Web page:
Every political mandate involves two major issues: 1) economics, and 2) morality. How much will something cost? Is it morally right? Socialism tends to look at things from a moral perspective as a priority over the economics involved. To quote the great scientist Malcolm Ian, “[y]ou were so preoccupied with whether or not you could, you didn’t stop to think if you should.” Obviously, the quote is meant as a joke, but it is not terribly far off from reality. Building a park of dinosaurs, after it ended rather bloodily the first three times, is similar to trying Socialism again, after it has only lead to poverty and shared misery every time it has been tried, such as in China, the former Soviet Union, and most recently, Venezuela. Proponents of the socialist system often cite Scandinavian states as successful models of socialism. However, none of these states actually implement socialism.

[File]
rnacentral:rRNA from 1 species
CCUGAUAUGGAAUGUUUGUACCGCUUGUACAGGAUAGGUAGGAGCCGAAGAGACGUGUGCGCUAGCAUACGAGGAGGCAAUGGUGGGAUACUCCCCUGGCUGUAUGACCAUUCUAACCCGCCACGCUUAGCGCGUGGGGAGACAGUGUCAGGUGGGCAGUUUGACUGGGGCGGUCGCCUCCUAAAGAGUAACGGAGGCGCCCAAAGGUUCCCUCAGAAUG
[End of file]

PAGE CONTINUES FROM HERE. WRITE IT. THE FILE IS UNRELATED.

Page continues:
So, is free, universal healthcare possible? Absolutely not. First and foremost, doctors do not work for free, nor do nurses, technicians, janitors, or anyone else involved in the healthcare process. They have to be paid from somewhere, which means the work is not free. Medical expenses would be paid for through taxes, meaning that it would cost everyone something. Bernie’s plan states a progressive tax system, with:
- 37 percent on income between $250,000 and $500,000;
- 43 percent on income between $500,000 and $2 million;
- 48 percent on income between $2 million and $10 million;
- 52 percent on income above $10 million.